Haley Lu Richardson & Rachel Lee Goldenberg Talk ‘Unpregnant’

Haley Lu Richardson & Rachel Lee Goldenberg Talk ‘Unpregnant’ for The Knockturnal

‘Unpregnant’ star Haley Lu Richardson and director on why they made abortion-centric dramedy

‘Unpregnant’ star Haley Lu Richardson and director on why they made abortion-centric dramedy

This isn’t the kind of buddy road trip you’d expect to be played for laughs.

In the dramedy “Unpregnant” — hitting HBO Max Thursday and based on last year’s novel of the same name by Jenni Hendriks and Ted Caplan — Haley Lu Richardson stars as overachieving Missouri teen Veronica, who will do anything to get an abortion.

In this case, that means recruiting her ex-best friend Bailey (“Euphoria” star Barbie Ferreira) to drive her nearly 1,000 miles to Albuquerque, N.M., the nearest city where she won’t need parental consent.

Making an abortion-centric movie that mines comedy out of such a serious subject “did kind of scare me, because I’m opening myself up as a person to people that very adamantly believe different[ly] to then associate me with this conversation and hate me,” Richardson, 25, told the Daily News last week on a video call with director Rachel Lee Goldenberg.

The “Five Feet Apart” star noted that since sharing the buddy film’s trailer on Instagram, she’s gotten “hate” and “really intense stuff” in response.

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The comments section of that post was bombarded by pro-life advocates dismissing the film as “disgusting” and “making fun of killing unborn babies.”

“So you think making a movie about abortion is setting a good example for young women?” commented one user. “Killing babies is a good thing to do?”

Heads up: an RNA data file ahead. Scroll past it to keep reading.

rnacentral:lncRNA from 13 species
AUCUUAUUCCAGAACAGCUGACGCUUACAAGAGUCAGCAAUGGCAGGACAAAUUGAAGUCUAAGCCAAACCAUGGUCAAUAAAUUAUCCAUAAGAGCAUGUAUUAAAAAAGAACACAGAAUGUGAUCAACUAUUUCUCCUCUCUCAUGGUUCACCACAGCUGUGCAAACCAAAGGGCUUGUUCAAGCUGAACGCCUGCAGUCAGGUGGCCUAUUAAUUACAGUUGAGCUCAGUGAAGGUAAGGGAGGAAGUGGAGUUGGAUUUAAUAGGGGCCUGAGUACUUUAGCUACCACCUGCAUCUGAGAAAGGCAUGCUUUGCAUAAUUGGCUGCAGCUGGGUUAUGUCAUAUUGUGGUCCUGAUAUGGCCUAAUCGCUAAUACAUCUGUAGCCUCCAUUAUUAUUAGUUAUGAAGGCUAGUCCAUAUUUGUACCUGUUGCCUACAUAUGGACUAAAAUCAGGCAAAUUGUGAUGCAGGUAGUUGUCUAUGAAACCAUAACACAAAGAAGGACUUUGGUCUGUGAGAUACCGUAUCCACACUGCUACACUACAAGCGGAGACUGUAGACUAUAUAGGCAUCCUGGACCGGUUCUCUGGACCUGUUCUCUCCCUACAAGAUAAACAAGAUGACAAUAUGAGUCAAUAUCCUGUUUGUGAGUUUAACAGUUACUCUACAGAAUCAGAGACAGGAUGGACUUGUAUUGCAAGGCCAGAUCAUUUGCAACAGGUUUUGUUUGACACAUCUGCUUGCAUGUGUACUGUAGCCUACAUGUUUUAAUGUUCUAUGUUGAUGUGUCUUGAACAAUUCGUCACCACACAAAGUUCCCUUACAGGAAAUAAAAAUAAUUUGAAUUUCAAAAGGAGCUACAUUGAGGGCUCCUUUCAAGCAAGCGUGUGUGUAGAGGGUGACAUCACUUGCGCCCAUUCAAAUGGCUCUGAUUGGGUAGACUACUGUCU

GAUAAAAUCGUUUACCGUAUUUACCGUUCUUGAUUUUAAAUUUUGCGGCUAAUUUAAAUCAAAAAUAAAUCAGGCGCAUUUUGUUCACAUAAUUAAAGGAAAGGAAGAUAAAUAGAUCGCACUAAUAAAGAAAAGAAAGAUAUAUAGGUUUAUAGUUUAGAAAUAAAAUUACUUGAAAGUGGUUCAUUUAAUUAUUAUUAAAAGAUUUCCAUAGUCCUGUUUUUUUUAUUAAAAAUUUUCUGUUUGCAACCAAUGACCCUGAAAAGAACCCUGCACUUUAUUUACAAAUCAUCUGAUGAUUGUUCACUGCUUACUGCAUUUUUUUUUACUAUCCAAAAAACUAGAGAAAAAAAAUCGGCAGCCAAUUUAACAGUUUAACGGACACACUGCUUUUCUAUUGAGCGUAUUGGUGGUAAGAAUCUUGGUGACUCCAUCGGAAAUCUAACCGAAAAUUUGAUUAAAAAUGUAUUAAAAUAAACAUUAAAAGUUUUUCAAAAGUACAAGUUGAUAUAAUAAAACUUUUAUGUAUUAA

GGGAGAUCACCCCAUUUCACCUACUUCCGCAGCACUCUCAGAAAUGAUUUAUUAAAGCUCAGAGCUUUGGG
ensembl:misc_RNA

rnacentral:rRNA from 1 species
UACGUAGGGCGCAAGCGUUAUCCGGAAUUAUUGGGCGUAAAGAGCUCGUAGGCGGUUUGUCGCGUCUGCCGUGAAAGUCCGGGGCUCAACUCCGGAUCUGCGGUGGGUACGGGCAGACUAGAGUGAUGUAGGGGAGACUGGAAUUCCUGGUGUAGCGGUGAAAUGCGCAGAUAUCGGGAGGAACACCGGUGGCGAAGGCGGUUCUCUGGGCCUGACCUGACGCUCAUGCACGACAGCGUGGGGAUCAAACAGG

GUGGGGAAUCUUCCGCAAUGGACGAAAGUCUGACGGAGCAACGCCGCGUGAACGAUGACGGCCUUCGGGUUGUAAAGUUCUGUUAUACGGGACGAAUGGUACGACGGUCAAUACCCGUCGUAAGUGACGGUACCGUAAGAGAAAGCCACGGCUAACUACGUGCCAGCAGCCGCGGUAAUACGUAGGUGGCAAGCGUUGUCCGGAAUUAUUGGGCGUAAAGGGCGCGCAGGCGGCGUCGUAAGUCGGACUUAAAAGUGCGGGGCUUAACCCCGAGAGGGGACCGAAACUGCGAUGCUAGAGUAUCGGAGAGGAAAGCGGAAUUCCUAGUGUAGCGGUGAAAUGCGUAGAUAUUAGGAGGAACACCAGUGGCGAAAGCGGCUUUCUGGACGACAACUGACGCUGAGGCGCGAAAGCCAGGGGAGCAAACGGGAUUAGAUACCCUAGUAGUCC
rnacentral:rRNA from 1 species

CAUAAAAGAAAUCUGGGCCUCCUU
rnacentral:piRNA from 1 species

Another remarked, “This is a life you’re taking. There is nothing comedic about it.”

Richardson, who also appeared in 2016′s psychological horror film “Split,” had to deal with the backlash. “I’ve never experienced [that reaction] before because I’ve never been a part of something like this,” she said.

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‘Extremely Ambitious’: Haley Lu Richardson took a chance with her new film ‘Unpregnant’

‘Extremely Ambitious’: Haley Lu Richardson took a chance with her new film ‘Unpregnant’

Phoenix native Haley Lu Richardson is known for taking chances with her films.

The actress starred in the coming-of-age film “The Edge of Seventeen” and quickly followed that with M. Night Shyamalan’s “Split.” But she particularly relishes the bravery it took her director Rachel Lee Goldenberg to go forth with her new film, HBO Max’s “Unpregnant.”

In it, Richardson plays 17-year-old Veronica, whose decision to get an abortion leads her on a 1,000-mile road trip to New Mexico with her former best friend, Bailey (Barbie Ferreira).

Melding the topics of abortion, teen pregnancy, friendship and self-realization was “extremely ambitious,” she says.

“I honestly didn’t know it was going to work until I saw the cut together movie and took a breath,” Richardson says about the film, which debuts September 10. “We accomplished what we set out to do.”

The former Horizon High School student calls the film important because it’s bound to generate conversation. She admits the role was a tad bit scary.

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Unpregnant – Official Trailer

High-school student Veronica finds out she’s pregnant and reaches out to her ex-best friend Bailey for help. Stream Unpregnant, starring Haley Lu Richardson and Barbie Ferreira September 10 on HBO Max.

Haley Lu Richardson, Barbie Ferreira hit the road in exclusive UNpregnant first look

Road-trip comedies are well-traveled territory in Hollywood, and at first glance, UNpregnant may seem as if it’s following a familiar map. Haley Lu Richardson and Barbie Ferreira star in the upcoming HBO Max film as two Missouri teenagers driving to New Mexico, and as the pair journey together across the Southwest, they pass plenty of the genre’s recognizable mile markers, including unexpected detours, Slurpee-fueled radio singalongs, and chaotic chase scenes.

But what sets UNpregnant apart is its unusual destination: an abortion clinic.